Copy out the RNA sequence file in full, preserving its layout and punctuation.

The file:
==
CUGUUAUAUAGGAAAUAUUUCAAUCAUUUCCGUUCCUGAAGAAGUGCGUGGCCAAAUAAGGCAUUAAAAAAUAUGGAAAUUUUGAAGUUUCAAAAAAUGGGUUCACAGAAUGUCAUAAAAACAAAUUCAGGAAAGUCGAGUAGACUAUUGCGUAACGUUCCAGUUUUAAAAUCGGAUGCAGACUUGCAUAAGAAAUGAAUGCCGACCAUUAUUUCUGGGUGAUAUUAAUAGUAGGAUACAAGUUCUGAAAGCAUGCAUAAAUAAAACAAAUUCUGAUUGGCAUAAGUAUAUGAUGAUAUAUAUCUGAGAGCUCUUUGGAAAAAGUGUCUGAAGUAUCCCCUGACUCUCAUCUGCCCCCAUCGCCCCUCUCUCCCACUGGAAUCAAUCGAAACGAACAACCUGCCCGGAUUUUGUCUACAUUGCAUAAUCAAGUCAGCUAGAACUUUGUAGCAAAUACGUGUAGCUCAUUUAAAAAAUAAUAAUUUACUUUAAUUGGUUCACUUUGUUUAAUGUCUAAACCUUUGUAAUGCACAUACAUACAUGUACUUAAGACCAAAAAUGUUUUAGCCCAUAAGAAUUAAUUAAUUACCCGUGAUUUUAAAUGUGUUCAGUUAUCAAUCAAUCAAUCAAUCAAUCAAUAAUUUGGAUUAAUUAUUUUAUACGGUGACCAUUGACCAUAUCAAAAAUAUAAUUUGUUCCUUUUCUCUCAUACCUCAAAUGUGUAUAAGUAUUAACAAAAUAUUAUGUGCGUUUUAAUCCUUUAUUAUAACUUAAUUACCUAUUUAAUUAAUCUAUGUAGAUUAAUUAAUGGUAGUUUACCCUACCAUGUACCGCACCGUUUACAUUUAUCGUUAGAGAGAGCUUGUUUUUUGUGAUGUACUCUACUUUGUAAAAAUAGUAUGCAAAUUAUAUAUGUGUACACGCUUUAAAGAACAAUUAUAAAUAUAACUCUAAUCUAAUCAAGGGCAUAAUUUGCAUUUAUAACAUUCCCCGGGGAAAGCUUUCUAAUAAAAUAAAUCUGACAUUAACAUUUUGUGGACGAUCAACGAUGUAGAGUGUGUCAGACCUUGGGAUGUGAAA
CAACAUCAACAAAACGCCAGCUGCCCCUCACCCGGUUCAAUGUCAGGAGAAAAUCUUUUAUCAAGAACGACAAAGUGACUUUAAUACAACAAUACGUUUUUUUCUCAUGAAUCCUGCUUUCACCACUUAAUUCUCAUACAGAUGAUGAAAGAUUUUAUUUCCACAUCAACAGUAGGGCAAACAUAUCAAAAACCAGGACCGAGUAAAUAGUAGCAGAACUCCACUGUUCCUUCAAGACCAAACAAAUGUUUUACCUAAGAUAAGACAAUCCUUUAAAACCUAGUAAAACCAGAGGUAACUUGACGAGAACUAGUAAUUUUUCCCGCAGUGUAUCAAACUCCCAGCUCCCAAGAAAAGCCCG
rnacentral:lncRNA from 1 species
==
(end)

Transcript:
CUGUUAUAUAGGAAAUAUUUCAAUCAUUUCCGUUCCUGAAGAAGUGCGUGGCCAAAUAAGGCAUUAAAAAAUAUGGAAAUUUUGAAGUUUCAAAAAAUGGGUUCACAGAAUGUCAUAAAAACAAAUUCAGGAAAGUCGAGUAGACUAUUGCGUAACGUUCCAGUUUUAAAAUCGGAUGCAGACUUGCAUAAGAAAUGAAUGCCGACCAUUAUUUCUGGGUGAUAUUAAUAGUAGGAUACAAGUUCUGAAAGCAUGCAUAAAUAAAACAAAUUCUGAUUGGCAUAAGUAUAUGAUGAUAUAUAUCUGAGAGCUCUUUGGAAAAAGUGUCUGAAGUAUCCCCUGACUCUCAUCUGCCCCCAUCGCCCCUCUCUCCCACUGGAAUCAAUCGAAACGAACAACCUGCCCGGAUUUUGUCUACAUUGCAUAAUCAAGUCAGCUAGAACUUUGUAGCAAAUACGUGUAGCUCAUUUAAAAAAUAAUAAUUUACUUUAAUUGGUUCACUUUGUUUAAUGUCUAAACCUUUGUAAUGCACAUACAUACAUGUACUUAAGACCAAAAAUGUUUUAGCCCAUAAGAAUUAAUUAAUUACCCGUGAUUUUAAAUGUGUUCAGUUAUCAAUCAAUCAAUCAAUCAAUCAAUAAUUUGGAUUAAUUAUUUUAUACGGUGACCAUUGACCAUAUCAAAAAUAUAAUUUGUUCCUUUUCUCUCAUACCUCAAAUGUGUAUAAGUAUUAACAAAAUAUUAUGUGCGUUUUAAUCCUUUAUUAUAACUUAAUUACCUAUUUAAUUAAUCUAUGUAGAUUAAUUAAUGGUAGUUUACCCUACCAUGUACCGCACCGUUUACAUUUAUCGUUAGAGAGAGCUUGUUUUUUGUGAUGUACUCUACUUUGUAAAAAUAGUAUGCAAAUUAUAUAUGUGUACACGCUUUAAAGAACAAUUAUAAAUAUAACUCUAAUCUAAUCAAGGGCAUAAUUUGCAUUUAUAACAUUCCCCGGGGAAAGCUUUCUAAUAAAAUAAAUCUGACAUUAACAUUUUGUGGACGAUCAACGAUGUAGAGUGUGUCAGACCUUGGGAUGUGAAA
CAACAUCAACAAAACGCCAGCUGCCCCUCACCCGGUUCAAUGUCAGGAGAAAAUCUUUUAUCAAGAACGACAAAGUGACUUUAAUACAACAAUACGUUUUUUUCUCAUGAAUCCUGCUUUCACCACUUAAUUCUCAUACAGAUGAUGAAAGAUUUUAUUUCCACAUCAACAGUAGGGCAAACAUAUCAAAAACCAGGACCGAGUAAAUAGUAGCAGAACUCCACUGUUCCUUCAAGACCAAACAAAUGUUUUACCUAAGAUAAGACAAUCCUUUAAAACCUAGUAAAACCAGAGGUAACUUGACGAGAACUAGUAAUUUUUCCCGCAGUGUAUCAAACUCCCAGCUCCCAAGAAAAGCCCG
rnacentral:lncRNA from 1 species